India-West Entertainment Reporter Rajiv Vijayakar Pens Book: ‘Music by Laxmikant Pyarelal: The Incredibly Melodious Journey’
The cover of “Music by Laxmikant Pyarelal: The Incredibly Melodious Journey,” by India-West entertainment reporter Rajiv Vijayakar. (photo provided)
By SUNITA SOHRABJI/India-West Staff Reporter
The music of duo Laxmikant-Pyarelal is played, every hour if not more frequently, in every nook and cranny of the country, over two decades after they stopped composing together. It also finds due place globally, wherever Indian music is loved.
Today, Pyarelal has his own global standing, and is the only Indian composer to have a symphony registered in his name. He will be making a tour at several venues across the US next year.
India-West veteran entertainment reporter Rajiv Vijayakar has penned a new book about the musical duo: “Music by Laxmikant Pyarelal: The Incredibly Melodious Journey,” released on Kindle and in print by Rupa Publications in October.
“This book encapsulates what can only be called the ‘Musical Universe’ of Laxmikant-Pyarelal. Here is a duo known as much for incomparable range and quality as for unmatched popularity and quantity; as much for intimate associations with lyricists, singers, filmmakers and stars as for giving career breaks and breakthroughs to so many; as much for chartbusters from the 1960s to 1990s as for leading in the list of re-created songs today,” Vijayakar told India-West.
“From teenage musicians to being the composers of over 500 films, their journey is truly incredible in every aspect. They are admired by international as well as Indian classical maestros,” he said.
Excerpts from an interview with Vijayakar:
When did you first meet Laxmikant-Pyarelal?
I met them both in 1990 at Mumbai’s Mehboob Studios. From childhood, they were my favorite composers as their music was especially attractive (Hindi films and film music was a staple in my family, comprising my parents and I) for me. As a journalist, interestingly, I met them first for their views on one of their lyricists who had passed on. The recording of Subhash Ghai’s “Saudagar” was going on, but their response was very cordial.
About a year later, I was commissioned to do a pocket-sized booklet called “Junior G” (which was a biography of a celebrity) by “G” film magazine. This was enclosed free with the monthly. It was then that I had a series of wonderful meetings with both, with Laxmi-ji at his music room and Pyare-bhai at his home.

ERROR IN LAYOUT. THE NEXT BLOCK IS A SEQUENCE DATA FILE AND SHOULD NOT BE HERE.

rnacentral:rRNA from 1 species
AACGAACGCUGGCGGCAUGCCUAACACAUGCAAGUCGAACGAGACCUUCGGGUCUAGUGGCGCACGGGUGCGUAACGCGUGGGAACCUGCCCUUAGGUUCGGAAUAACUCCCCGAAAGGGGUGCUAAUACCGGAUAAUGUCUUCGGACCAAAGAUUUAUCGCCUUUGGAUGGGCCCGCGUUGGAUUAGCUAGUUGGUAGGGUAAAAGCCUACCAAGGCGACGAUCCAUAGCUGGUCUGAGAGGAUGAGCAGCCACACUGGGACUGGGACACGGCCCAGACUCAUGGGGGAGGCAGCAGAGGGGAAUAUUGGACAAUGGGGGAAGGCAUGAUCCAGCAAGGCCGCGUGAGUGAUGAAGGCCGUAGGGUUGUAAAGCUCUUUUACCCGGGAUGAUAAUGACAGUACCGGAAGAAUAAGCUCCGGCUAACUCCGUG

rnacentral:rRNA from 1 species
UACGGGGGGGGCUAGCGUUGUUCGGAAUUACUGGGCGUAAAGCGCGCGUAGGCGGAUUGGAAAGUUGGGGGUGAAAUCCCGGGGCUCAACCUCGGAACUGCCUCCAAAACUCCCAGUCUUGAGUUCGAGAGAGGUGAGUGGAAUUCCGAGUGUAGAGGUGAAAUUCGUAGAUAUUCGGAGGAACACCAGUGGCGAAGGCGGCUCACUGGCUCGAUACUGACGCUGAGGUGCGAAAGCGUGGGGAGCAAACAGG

What stands out for you amongst their vast repertoire of work?
As it comes across in my book, their range and brilliance cannot be described in a sentence or more. Both were trained in Indian classical, with Pyarelal being also groomed in Western music, and they became a duo without parallel, learning the do’s and don’t’s of the business in over a decade of being musicians with as well as arranging music or assisting all the big names of the time from Naushad and Shankar-Jaikishan to O.P. Nayyar, S.D. Burman and Kalyanji-Anandji.
What is Laxmikant-Pyarelal’s legacy? Do you see it reflected in contemporary music today?
Their legacy is timeless, and they have conclusively proved that quality is not necessarily compromised by quantity, as in Hindi cinema, no one else comes close to their tally of exactly 500 released film soundtracks. From a film set in the B.C. era like “Utsav” to the disco-based “Karz,” all are a part of their repertoire.
In contemporary times, the number of re-created songs of theirs is higher than anyone else’s. And of course, we have their timeless and iconic numbers that span “Chahoonga Main Tujhe” (“Dosti”), “Sawan Ka Mahina” (“Milan”), “Bindiya Chamkegi” (“Do Raaste”), “Maar Diya Jaaye” (“Mera Gaon Mera Desh’), “Dafliwale” (“Sargam”), “Lambi Judaai” (“Hero”), “Chitthi Aayi Hai” (“Naam”) and “Choli Ke Peeche” (“Khal-Nayak”) that are so unique they cannot ever be re-created.
Scores like “Shagird,” “Bobby,” “Roti Kapada Aur Makaan,” “Amar Akbar Anthony,” “Karz,” “Ek Duuje Ke Liye” and “Tezaab” not only are timeless (and very variegated) marvels but also helped these movies hugely at the box-office.
Any additional comments?
I personally feel that this is the book on which I have worked the hardest, as the people I was writing on were phenomenal. To put it simply, I set out to write a book on my favorite composers and in the process of meeting some 40 associates including filmmakers, lyricists, singers, musicians and stars, I came to realize that I was actually writing about the most complete and truest film music composers in Hindi cinema.
About the author:
Vijayakar has been an entertainment journalist for over 30 years now. A dental surgeon by qualification, he has been Mumbai correspondent for India–West since 1993, and has had long associations with prestigious Indian publications like Screen, Deccan Herald, Mid-Day, Stardust, Showtime, Movie Mag International, Star & Style, G Magazine, AV Max, Bollywoodhungama.com, Shaadi Times, Worldspace.com and others.
Vijayakar has written two other books: “Dharmendra: Not Just a He-Man,” also published by Rupa Publications in 2018; and “Main Shayar Toh Nahin,” released by Harper Collins in 2019. He is also the author of “The History of Indian Film Music” (2010) published by Times Group Books, which is now on the teaching course at the Herb Alpert School of Music at the University of California, Los Angeles.
Vijayakar has been on the 62nd and 58th National Film Awards jury. His research paper, “The Role of a Song in a Hindi Film,” is now on the syllabus of South Asian cinema studies at the University of Edinburgh.
He is also the sole content team member for Hindi film music at the Indian Music Experience, India’s first and digitally interactive museum on music, which opened in 2019 in Bangalore.
Vijayakar has been awarded the Hindi Seva Samman in 2013 on Hindi Diwas by the Vishwa Hindi Academy, Mumbai, for his contribution to Hindi cinema and music.